Well, Norway doesn't show up in the 'Select a country' drop-down...
Anyway, Lee, about 5-6 years ago I did a sailing trip arounf Lofoten, one of the most beautiful experiences of my life. Sailing in themiddle of the night with the midnight sun lighting our way. We sailed straight from Tromso to Vaeroy, amojst the very tip, and then made our way back slowly through the archipelago. Beautiful and desolate. Hardly encoutered a soul. If you get a chance to stop at Svolvaer, there's is a little bar just as you enter the harbour that serves FREE fiskesoup at ungodly hours in the summer (no one really sleeps anyway), subdued ambiance, smoke, beer, the lost world. If you plan to stop by Stavanger do let me know I have a couple of really good friends you can hang out with.
Lee & Sachi,
It is great to read about your travels. My wife and I spent the month of July traveling China. We spent three weeks teaching English to Chinese English teachers and one week of just traveling China. Your blog inspired me to create one of my own to document our travels through China.
We spent two weeks teaching in Wenling (5 hours south of Shanghai on the coast) and one week in Linhai. Ingrid and I had an amazing time and met many wonderful people who even invited us into their home for an authentic "home cooked" Chinese dinner. It took us quite a while to get use to the food, especially since we use to be vegetarians (good luck being a vegetarian in China). We also got to experience typhoon Bilis and narrowly missing two other typhoons. When you get to Shanghai I would suggest that you make a special effort to ride the MagLev (super train), which travels at 430 km/hour. I could ramble on for hours about our travels and experiences but I wont because you can read our blog if you are interested or have time to kill. I hope your experiences are as wonderful as ours were in China.
As soon as we arrived, we strolled down to Malioboro Street, where all the souvenirs and batik shops were located. We did some shopping there. Hehehe.. Danny was amazed by the cheap price of all the stuffs that were sold in that street. Malioboro Street is famous for that. It offers different kinds of stuffs for extremely cheap price! Oyeah, one has to bargain to get a good deal. ;) So, your bargaining skills are very useful here! I bought everything for not more than Rp 10thou. It wasn't even 1 euro, yet!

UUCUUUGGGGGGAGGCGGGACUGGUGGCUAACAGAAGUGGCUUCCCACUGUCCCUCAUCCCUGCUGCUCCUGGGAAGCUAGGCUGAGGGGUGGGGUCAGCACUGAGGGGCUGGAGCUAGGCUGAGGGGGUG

After the shopping, I decided to take him to Gadjah Wong Restaurant for dinner coz I read a lot of good things about it from some magazines. Apparently, it was a good decision as the place itself is very nice with an open air garden and different parts of rooms with different kind of live music – traditional Javanese music, jazz and country music. We chose to sit in a small garden, outdoor, where we could be entertain by the singers and gamelan players who were wearing traditional costumes.
When exploring the place, I was stunned to see the dungeon-like entrance to the underground room in which decorated with Wisnu statues and other ancient-like ornaments. Very artistic, I love it.
The food was delicious. Apart from Indonesian food, they also have Indian and some steaks. I ordered Indian vegetable curry, while Danny ordered Nasi Bebek, the restaurant’s specialty, .. and we were satisfied.
After a nice dinner, we went back to Malioboro Street, Danny bought more stuffs for his sisters, nephew, dad and friends. The art of bargaining started to kick back now... hahaha :D.